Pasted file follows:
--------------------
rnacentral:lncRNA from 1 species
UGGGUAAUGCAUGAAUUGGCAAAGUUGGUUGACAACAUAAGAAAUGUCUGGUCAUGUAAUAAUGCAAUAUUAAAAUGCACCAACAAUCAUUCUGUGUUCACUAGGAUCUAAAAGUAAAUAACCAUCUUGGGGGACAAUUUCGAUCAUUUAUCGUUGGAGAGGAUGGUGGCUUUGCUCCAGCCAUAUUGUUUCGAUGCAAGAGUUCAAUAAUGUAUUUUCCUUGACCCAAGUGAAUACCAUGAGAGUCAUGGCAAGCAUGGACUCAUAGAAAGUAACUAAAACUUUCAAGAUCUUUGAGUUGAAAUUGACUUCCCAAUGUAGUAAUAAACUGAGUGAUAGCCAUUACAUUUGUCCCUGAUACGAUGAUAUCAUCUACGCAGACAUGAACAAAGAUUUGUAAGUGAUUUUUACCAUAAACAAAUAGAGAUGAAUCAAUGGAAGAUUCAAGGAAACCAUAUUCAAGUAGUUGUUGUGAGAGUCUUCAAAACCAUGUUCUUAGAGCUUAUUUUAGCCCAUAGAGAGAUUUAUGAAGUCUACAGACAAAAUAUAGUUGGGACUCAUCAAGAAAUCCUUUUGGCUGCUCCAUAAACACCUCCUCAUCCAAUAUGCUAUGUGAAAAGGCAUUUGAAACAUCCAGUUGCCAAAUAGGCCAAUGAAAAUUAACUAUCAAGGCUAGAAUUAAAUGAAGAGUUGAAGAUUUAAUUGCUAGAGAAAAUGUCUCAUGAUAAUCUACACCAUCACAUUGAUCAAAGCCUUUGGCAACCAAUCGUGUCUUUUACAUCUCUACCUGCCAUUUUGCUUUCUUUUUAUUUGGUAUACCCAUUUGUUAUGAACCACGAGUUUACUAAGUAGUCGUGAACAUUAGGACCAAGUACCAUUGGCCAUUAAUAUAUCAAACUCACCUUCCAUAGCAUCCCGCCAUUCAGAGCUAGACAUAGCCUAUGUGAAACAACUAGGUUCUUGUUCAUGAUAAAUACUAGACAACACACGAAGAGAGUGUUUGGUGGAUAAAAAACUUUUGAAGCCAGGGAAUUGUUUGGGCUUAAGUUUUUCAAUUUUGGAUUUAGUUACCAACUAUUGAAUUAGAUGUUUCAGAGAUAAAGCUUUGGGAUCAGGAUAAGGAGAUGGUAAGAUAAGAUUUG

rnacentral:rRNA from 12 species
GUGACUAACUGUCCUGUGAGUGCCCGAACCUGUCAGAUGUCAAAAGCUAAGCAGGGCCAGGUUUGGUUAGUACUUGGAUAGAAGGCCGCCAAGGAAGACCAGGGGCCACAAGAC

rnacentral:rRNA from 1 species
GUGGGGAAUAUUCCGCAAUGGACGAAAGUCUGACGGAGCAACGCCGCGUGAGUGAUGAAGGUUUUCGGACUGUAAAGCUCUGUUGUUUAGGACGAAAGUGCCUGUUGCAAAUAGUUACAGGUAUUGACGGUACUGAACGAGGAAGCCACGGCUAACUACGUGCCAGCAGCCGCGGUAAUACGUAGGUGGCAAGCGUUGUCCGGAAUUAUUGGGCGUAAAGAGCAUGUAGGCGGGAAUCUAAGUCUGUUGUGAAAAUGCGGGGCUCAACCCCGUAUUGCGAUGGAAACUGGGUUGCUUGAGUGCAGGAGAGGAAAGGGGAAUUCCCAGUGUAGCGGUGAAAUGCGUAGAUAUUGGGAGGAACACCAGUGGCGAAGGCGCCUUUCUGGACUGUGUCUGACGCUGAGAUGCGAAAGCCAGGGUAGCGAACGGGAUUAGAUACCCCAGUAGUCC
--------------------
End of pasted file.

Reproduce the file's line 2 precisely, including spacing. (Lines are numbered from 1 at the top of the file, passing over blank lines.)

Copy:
UGGGUAAUGCAUGAAUUGGCAAAGUUGGUUGACAACAUAAGAAAUGUCUGGUCAUGUAAUAAUGCAAUAUUAAAAUGCACCAACAAUCAUUCUGUGUUCACUAGGAUCUAAAAGUAAAUAACCAUCUUGGGGGACAAUUUCGAUCAUUUAUCGUUGGAGAGGAUGGUGGCUUUGCUCCAGCCAUAUUGUUUCGAUGCAAGAGUUCAAUAAUGUAUUUUCCUUGACCCAAGUGAAUACCAUGAGAGUCAUGGCAAGCAUGGACUCAUAGAAAGUAACUAAAACUUUCAAGAUCUUUGAGUUGAAAUUGACUUCCCAAUGUAGUAAUAAACUGAGUGAUAGCCAUUACAUUUGUCCCUGAUACGAUGAUAUCAUCUACGCAGACAUGAACAAAGAUUUGUAAGUGAUUUUUACCAUAAACAAAUAGAGAUGAAUCAAUGGAAGAUUCAAGGAAACCAUAUUCAAGUAGUUGUUGUGAGAGUCUUCAAAACCAUGUUCUUAGAGCUUAUUUUAGCCCAUAGAGAGAUUUAUGAAGUCUACAGACAAAAUAUAGUUGGGACUCAUCAAGAAAUCCUUUUGGCUGCUCCAUAAACACCUCCUCAUCCAAUAUGCUAUGUGAAAAGGCAUUUGAAACAUCCAGUUGCCAAAUAGGCCAAUGAAAAUUAACUAUCAAGGCUAGAAUUAAAUGAAGAGUUGAAGAUUUAAUUGCUAGAGAAAAUGUCUCAUGAUAAUCUACACCAUCACAUUGAUCAAAGCCUUUGGCAACCAAUCGUGUCUUUUACAUCUCUACCUGCCAUUUUGCUUUCUUUUUAUUUGGUAUACCCAUUUGUUAUGAACCACGAGUUUACUAAGUAGUCGUGAACAUUAGGACCAAGUACCAUUGGCCAUUAAUAUAUCAAACUCACCUUCCAUAGCAUCCCGCCAUUCAGAGCUAGACAUAGCCUAUGUGAAACAACUAGGUUCUUGUUCAUGAUAAAUACUAGACAACACACGAAGAGAGUGUUUGGUGGAUAAAAAACUUUUGAAGCCAGGGAAUUGUUUGGGCUUAAGUUUUUCAAUUUUGGAUUUAGUUACCAACUAUUGAAUUAGAUGUUUCAGAGAUAAAGCUUUGGGAUCAGGAUAAGGAGAUGGUAAGAUAAGAUUUG